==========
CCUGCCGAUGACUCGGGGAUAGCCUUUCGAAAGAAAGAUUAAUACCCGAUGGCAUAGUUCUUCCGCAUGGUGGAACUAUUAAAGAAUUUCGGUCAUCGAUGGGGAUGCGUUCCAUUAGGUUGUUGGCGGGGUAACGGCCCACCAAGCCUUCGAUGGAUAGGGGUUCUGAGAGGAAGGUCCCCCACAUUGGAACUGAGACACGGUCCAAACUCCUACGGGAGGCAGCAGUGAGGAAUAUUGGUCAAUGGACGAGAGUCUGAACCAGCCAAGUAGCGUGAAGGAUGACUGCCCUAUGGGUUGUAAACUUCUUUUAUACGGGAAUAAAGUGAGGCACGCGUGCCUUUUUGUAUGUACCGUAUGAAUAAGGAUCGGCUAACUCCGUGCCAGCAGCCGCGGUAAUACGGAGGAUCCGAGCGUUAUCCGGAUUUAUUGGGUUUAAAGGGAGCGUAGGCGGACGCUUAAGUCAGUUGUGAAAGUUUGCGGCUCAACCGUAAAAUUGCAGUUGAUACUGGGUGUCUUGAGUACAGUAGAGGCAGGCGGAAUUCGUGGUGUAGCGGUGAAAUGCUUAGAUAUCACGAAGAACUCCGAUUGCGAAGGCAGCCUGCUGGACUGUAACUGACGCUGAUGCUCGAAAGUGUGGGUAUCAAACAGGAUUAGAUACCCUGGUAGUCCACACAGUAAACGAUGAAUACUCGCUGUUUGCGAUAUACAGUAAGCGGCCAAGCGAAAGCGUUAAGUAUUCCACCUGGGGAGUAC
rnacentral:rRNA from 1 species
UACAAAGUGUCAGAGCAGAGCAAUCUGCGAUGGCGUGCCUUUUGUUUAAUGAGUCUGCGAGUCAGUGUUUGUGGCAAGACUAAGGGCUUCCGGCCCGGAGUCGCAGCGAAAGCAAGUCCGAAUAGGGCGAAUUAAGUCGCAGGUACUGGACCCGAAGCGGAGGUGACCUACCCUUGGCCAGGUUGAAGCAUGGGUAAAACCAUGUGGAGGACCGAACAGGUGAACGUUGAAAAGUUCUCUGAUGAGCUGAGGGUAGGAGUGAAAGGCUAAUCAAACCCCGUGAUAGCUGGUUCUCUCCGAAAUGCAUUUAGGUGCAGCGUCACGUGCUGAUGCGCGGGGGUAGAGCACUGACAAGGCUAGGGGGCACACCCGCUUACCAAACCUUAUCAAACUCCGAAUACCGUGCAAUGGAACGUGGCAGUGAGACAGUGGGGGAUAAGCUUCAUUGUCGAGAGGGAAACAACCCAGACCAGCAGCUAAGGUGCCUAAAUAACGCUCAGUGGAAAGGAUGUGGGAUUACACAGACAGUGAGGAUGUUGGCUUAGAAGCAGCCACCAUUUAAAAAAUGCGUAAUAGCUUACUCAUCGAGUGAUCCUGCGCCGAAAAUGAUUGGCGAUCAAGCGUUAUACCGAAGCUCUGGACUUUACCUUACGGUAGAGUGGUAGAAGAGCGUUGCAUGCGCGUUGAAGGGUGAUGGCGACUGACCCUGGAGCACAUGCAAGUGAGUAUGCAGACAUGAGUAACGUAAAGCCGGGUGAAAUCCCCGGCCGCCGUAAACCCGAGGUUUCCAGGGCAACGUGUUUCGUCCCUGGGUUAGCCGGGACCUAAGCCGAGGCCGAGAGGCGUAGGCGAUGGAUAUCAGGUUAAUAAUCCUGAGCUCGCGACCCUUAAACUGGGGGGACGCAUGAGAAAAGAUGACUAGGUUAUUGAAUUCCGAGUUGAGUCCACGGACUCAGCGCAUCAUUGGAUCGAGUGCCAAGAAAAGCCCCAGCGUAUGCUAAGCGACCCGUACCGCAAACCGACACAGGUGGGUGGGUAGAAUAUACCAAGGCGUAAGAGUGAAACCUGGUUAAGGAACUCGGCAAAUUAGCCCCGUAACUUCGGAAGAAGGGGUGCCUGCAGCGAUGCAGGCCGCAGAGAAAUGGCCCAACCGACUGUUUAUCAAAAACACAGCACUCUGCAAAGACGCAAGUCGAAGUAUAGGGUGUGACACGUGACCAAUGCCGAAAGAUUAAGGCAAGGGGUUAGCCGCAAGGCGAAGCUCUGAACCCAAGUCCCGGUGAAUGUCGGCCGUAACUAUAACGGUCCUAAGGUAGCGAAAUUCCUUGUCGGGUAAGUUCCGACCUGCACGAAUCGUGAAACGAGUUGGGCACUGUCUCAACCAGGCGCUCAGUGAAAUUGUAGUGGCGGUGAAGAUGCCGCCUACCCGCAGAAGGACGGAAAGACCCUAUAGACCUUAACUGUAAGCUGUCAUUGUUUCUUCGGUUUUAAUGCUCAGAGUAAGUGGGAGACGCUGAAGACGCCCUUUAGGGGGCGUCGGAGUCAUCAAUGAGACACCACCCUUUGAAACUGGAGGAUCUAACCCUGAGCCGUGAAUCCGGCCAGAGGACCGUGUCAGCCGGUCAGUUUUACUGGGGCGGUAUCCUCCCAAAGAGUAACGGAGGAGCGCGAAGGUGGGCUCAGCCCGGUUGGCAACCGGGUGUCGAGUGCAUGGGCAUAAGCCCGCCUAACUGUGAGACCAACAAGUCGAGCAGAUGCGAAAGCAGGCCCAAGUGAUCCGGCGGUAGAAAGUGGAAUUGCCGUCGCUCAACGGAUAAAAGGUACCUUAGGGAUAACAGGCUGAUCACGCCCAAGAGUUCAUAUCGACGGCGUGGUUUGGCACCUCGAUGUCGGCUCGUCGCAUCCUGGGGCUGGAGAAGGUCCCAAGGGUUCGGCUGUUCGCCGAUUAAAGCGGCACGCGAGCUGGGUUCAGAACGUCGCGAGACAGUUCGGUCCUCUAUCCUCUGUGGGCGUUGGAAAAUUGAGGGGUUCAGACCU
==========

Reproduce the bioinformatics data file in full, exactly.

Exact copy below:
CCUGCCGAUGACUCGGGGAUAGCCUUUCGAAAGAAAGAUUAAUACCCGAUGGCAUAGUUCUUCCGCAUGGUGGAACUAUUAAAGAAUUUCGGUCAUCGAUGGGGAUGCGUUCCAUUAGGUUGUUGGCGGGGUAACGGCCCACCAAGCCUUCGAUGGAUAGGGGUUCUGAGAGGAAGGUCCCCCACAUUGGAACUGAGACACGGUCCAAACUCCUACGGGAGGCAGCAGUGAGGAAUAUUGGUCAAUGGACGAGAGUCUGAACCAGCCAAGUAGCGUGAAGGAUGACUGCCCUAUGGGUUGUAAACUUCUUUUAUACGGGAAUAAAGUGAGGCACGCGUGCCUUUUUGUAUGUACCGUAUGAAUAAGGAUCGGCUAACUCCGUGCCAGCAGCCGCGGUAAUACGGAGGAUCCGAGCGUUAUCCGGAUUUAUUGGGUUUAAAGGGAGCGUAGGCGGACGCUUAAGUCAGUUGUGAAAGUUUGCGGCUCAACCGUAAAAUUGCAGUUGAUACUGGGUGUCUUGAGUACAGUAGAGGCAGGCGGAAUUCGUGGUGUAGCGGUGAAAUGCUUAGAUAUCACGAAGAACUCCGAUUGCGAAGGCAGCCUGCUGGACUGUAACUGACGCUGAUGCUCGAAAGUGUGGGUAUCAAACAGGAUUAGAUACCCUGGUAGUCCACACAGUAAACGAUGAAUACUCGCUGUUUGCGAUAUACAGUAAGCGGCCAAGCGAAAGCGUUAAGUAUUCCACCUGGGGAGUAC
rnacentral:rRNA from 1 species
UACAAAGUGUCAGAGCAGAGCAAUCUGCGAUGGCGUGCCUUUUGUUUAAUGAGUCUGCGAGUCAGUGUUUGUGGCAAGACUAAGGGCUUCCGGCCCGGAGUCGCAGCGAAAGCAAGUCCGAAUAGGGCGAAUUAAGUCGCAGGUACUGGACCCGAAGCGGAGGUGACCUACCCUUGGCCAGGUUGAAGCAUGGGUAAAACCAUGUGGAGGACCGAACAGGUGAACGUUGAAAAGUUCUCUGAUGAGCUGAGGGUAGGAGUGAAAGGCUAAUCAAACCCCGUGAUAGCUGGUUCUCUCCGAAAUGCAUUUAGGUGCAGCGUCACGUGCUGAUGCGCGGGGGUAGAGCACUGACAAGGCUAGGGGGCACACCCGCUUACCAAACCUUAUCAAACUCCGAAUACCGUGCAAUGGAACGUGGCAGUGAGACAGUGGGGGAUAAGCUUCAUUGUCGAGAGGGAAACAACCCAGACCAGCAGCUAAGGUGCCUAAAUAACGCUCAGUGGAAAGGAUGUGGGAUUACACAGACAGUGAGGAUGUUGGCUUAGAAGCAGCCACCAUUUAAAAAAUGCGUAAUAGCUUACUCAUCGAGUGAUCCUGCGCCGAAAAUGAUUGGCGAUCAAGCGUUAUACCGAAGCUCUGGACUUUACCUUACGGUAGAGUGGUAGAAGAGCGUUGCAUGCGCGUUGAAGGGUGAUGGCGACUGACCCUGGAGCACAUGCAAGUGAGUAUGCAGACAUGAGUAACGUAAAGCCGGGUGAAAUCCCCGGCCGCCGUAAACCCGAGGUUUCCAGGGCAACGUGUUUCGUCCCUGGGUUAGCCGGGACCUAAGCCGAGGCCGAGAGGCGUAGGCGAUGGAUAUCAGGUUAAUAAUCCUGAGCUCGCGACCCUUAAACUGGGGGGACGCAUGAGAAAAGAUGACUAGGUUAUUGAAUUCCGAGUUGAGUCCACGGACUCAGCGCAUCAUUGGAUCGAGUGCCAAGAAAAGCCCCAGCGUAUGCUAAGCGACCCGUACCGCAAACCGACACAGGUGGGUGGGUAGAAUAUACCAAGGCGUAAGAGUGAAACCUGGUUAAGGAACUCGGCAAAUUAGCCCCGUAACUUCGGAAGAAGGGGUGCCUGCAGCGAUGCAGGCCGCAGAGAAAUGGCCCAACCGACUGUUUAUCAAAAACACAGCACUCUGCAAAGACGCAAGUCGAAGUAUAGGGUGUGACACGUGACCAAUGCCGAAAGAUUAAGGCAAGGGGUUAGCCGCAAGGCGAAGCUCUGAACCCAAGUCCCGGUGAAUGUCGGCCGUAACUAUAACGGUCCUAAGGUAGCGAAAUUCCUUGUCGGGUAAGUUCCGACCUGCACGAAUCGUGAAACGAGUUGGGCACUGUCUCAACCAGGCGCUCAGUGAAAUUGUAGUGGCGGUGAAGAUGCCGCCUACCCGCAGAAGGACGGAAAGACCCUAUAGACCUUAACUGUAAGCUGUCAUUGUUUCUUCGGUUUUAAUGCUCAGAGUAAGUGGGAGACGCUGAAGACGCCCUUUAGGGGGCGUCGGAGUCAUCAAUGAGACACCACCCUUUGAAACUGGAGGAUCUAACCCUGAGCCGUGAAUCCGGCCAGAGGACCGUGUCAGCCGGUCAGUUUUACUGGGGCGGUAUCCUCCCAAAGAGUAACGGAGGAGCGCGAAGGUGGGCUCAGCCCGGUUGGCAACCGGGUGUCGAGUGCAUGGGCAUAAGCCCGCCUAACUGUGAGACCAACAAGUCGAGCAGAUGCGAAAGCAGGCCCAAGUGAUCCGGCGGUAGAAAGUGGAAUUGCCGUCGCUCAACGGAUAAAAGGUACCUUAGGGAUAACAGGCUGAUCACGCCCAAGAGUUCAUAUCGACGGCGUGGUUUGGCACCUCGAUGUCGGCUCGUCGCAUCCUGGGGCUGGAGAAGGUCCCAAGGGUUCGGCUGUUCGCCGAUUAAAGCGGCACGCGAGCUGGGUUCAGAACGUCGCGAGACAGUUCGGUCCUCUAUCCUCUGUGGGCGUUGGAAAAUUGAGGGGUUCAGACCU